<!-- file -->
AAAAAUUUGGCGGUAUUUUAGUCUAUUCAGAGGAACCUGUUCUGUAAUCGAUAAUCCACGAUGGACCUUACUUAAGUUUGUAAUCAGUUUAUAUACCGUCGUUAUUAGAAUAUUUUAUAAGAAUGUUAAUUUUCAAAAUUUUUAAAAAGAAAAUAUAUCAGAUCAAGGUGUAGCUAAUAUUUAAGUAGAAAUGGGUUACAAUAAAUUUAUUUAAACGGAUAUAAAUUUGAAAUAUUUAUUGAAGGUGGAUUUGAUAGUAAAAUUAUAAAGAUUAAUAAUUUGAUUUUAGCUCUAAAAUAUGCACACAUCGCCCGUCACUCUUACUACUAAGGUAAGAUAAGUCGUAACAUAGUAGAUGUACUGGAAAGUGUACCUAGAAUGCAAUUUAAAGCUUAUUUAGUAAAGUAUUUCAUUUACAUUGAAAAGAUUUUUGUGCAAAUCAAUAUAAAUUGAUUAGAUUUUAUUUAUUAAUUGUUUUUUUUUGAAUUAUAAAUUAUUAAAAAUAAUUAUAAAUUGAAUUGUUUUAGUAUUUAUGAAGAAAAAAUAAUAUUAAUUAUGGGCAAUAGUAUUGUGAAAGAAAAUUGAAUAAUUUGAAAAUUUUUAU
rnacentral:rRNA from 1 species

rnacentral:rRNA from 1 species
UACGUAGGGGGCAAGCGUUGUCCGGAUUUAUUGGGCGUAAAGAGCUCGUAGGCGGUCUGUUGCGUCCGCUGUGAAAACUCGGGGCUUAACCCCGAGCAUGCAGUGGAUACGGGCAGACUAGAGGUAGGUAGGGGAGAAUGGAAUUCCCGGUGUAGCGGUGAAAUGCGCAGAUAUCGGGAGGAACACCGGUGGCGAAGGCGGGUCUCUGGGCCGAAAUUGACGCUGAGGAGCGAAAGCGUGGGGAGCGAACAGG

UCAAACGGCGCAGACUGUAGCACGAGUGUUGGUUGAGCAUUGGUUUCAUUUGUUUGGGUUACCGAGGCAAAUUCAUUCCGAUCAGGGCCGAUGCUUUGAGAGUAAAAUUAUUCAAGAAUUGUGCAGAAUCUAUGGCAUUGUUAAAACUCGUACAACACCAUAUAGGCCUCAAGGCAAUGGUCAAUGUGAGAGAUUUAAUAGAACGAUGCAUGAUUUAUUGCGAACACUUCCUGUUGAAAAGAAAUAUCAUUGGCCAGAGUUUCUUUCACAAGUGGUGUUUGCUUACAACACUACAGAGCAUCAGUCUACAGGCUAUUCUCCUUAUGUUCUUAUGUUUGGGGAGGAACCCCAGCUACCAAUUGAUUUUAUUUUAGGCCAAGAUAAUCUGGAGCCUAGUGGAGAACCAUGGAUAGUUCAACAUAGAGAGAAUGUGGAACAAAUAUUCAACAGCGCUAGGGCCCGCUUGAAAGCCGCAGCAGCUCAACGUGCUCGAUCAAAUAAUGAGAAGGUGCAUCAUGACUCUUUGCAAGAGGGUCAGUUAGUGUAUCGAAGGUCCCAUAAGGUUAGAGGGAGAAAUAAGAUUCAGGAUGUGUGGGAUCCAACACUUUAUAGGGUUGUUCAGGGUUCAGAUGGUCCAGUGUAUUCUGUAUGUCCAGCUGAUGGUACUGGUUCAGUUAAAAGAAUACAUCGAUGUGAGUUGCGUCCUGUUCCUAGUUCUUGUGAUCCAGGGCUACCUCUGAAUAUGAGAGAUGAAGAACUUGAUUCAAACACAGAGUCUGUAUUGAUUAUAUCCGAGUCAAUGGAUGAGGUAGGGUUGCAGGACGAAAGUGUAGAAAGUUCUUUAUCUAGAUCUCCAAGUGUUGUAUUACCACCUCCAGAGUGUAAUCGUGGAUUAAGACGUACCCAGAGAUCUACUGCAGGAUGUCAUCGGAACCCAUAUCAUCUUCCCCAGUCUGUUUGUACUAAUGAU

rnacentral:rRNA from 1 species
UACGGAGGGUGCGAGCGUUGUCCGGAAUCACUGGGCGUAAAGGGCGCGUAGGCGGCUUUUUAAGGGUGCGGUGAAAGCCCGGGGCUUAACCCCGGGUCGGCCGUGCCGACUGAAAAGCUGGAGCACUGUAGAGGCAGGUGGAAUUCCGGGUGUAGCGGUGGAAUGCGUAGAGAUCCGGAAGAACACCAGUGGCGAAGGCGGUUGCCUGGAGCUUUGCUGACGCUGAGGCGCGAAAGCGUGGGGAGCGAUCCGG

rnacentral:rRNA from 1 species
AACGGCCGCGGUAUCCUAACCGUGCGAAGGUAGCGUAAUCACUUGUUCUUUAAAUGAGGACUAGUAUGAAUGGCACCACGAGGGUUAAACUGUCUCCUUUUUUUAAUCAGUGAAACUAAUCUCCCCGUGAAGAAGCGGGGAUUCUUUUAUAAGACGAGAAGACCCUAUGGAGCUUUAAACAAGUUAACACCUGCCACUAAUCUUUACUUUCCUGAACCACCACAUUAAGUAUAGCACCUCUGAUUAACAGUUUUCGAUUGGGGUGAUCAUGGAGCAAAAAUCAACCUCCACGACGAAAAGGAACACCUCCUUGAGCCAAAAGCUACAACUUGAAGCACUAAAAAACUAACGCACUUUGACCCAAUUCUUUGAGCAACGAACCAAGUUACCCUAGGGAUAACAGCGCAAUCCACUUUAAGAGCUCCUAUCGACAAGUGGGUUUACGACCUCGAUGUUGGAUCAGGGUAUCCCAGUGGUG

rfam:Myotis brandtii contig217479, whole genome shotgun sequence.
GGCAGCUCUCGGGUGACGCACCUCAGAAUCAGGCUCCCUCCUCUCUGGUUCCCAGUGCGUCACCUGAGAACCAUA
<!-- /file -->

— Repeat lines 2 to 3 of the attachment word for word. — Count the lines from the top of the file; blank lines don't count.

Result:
rnacentral:rRNA from 1 species

rnacentral:rRNA from 1 species